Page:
PALACE OF THE LOST CITY CELEBRATES 30th ANNIVERSARY
December marks the 30th anniversary of The Palace of the Lost City – a hotel that created a legend as much as it became one
The sheer audacity of developing a 5-star hotel in a dusty stretch of bush in the North West Province caught the public imagination in 1992, and 30 years on, The Palace of the Lost City remains the stuff of legends.
The hotel came complete with the fable of an African kingdom lost in the mists of time.
No detail was spared to stress that it was, indeed, a place of myth and wonder. From the moment The Palace flung its impressive 8m tall doors open to reveal its bold, glamorous interiors, visitors have been awed by its splendour.
Each of the 326 luxurious rooms and suites offer spectacular views over water and jungle. For a bird’s eye view of the entire area, guests can visit the Kings Tower which, at almost 70m, is the tallest of the 10 towers at The Palace.
The hotel’s architecture and décor weaves a rich and colourful tale of Africa’s creativity, its textures, intricate designs, patterns, wildlife and the talent of its craftsmen and women.
From the hand-painted dome ceiling in the grand entrance to mosaic artworks, golden seats upholstered with zebra-hide, and bespoke furniture in the spacious rooms, the hotel befits its royal legend. The King’s Suite alone contains 800 custom-crafted items including fabrics and carpeting.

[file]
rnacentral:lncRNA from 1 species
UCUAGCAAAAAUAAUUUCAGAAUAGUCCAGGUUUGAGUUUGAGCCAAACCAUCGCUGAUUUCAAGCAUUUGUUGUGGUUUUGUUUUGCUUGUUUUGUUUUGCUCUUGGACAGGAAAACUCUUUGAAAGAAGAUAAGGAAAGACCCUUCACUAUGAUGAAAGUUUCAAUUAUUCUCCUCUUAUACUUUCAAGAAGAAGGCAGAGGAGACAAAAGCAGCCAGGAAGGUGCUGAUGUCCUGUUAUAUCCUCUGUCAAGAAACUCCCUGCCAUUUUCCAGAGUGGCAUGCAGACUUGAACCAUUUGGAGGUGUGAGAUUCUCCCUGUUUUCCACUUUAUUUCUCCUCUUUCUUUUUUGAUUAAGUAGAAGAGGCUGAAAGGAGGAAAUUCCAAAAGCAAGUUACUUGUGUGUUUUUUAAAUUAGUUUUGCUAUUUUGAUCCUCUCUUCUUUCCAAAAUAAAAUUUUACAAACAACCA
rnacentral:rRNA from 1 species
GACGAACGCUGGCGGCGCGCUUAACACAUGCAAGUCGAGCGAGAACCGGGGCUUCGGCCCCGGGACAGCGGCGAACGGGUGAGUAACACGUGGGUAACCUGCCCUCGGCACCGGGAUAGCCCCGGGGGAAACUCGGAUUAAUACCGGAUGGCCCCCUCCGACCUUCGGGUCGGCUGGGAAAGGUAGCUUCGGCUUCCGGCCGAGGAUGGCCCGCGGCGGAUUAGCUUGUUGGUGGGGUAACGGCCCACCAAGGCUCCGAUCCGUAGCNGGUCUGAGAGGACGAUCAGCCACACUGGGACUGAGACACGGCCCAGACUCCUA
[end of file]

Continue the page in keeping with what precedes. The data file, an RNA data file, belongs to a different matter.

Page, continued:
The evocative African landscape painted on the underside of a dome ceiling at the entrance took nine artists nearly 5,000 hours to complete while hand-painted murals cover an area of 3 400 square metres. The tapestries in the Royal Entrance Chamber behind the concierge and the reception desk took two full years to weave.
In the Crystal Court a massive rock crystal chandelier that is suspended 4.2 meters above the ground and spanning spans five meters in diameter, overlooks a Bösendorfer piano once played by Liberace and Elton John.
In addition to an Olympic-sized swimming pool with an intricate mosaic ‘sun’ design, a trip down a lush tree-lined stairway leads visitors to the Royal Baths and Amphitheatre overlooking Sun City’s popular Valley of Waves.
Over the past 30 years, The Palace has accommodated the rich and the famous, royalty, rock stars and ordinary South Africans. Well over 300 famous performers and heads of state have stayed at the hotel from members of the legendary band Queen, to Michael Jackson and Witney Houston to name but a few.
According to General Manager Brett Hoppé “The opening of The Palace was a glittering affair that was attended by many celebrities who were big names at the time including Bo Derrick, Jean Michel Jarre who performed that night, Jerry Hall and Joan Collins, Hugh Masekela and Johnny Clegg and Savuka.
“Since then the list has grown to include many illustrious names such as Sting, Pavarotti, Wesley Snipes, Stevie Wonder, Arnold Schwarzenegger and many more. But it is equally important to note that many of these international stars returned multiple times and some, like Witney Houston, Michael Jackson and Bobby Brown, came incognito to simply holiday at The Palace.
“And of course the list of golf legends who have visited is too innumerable to mention.”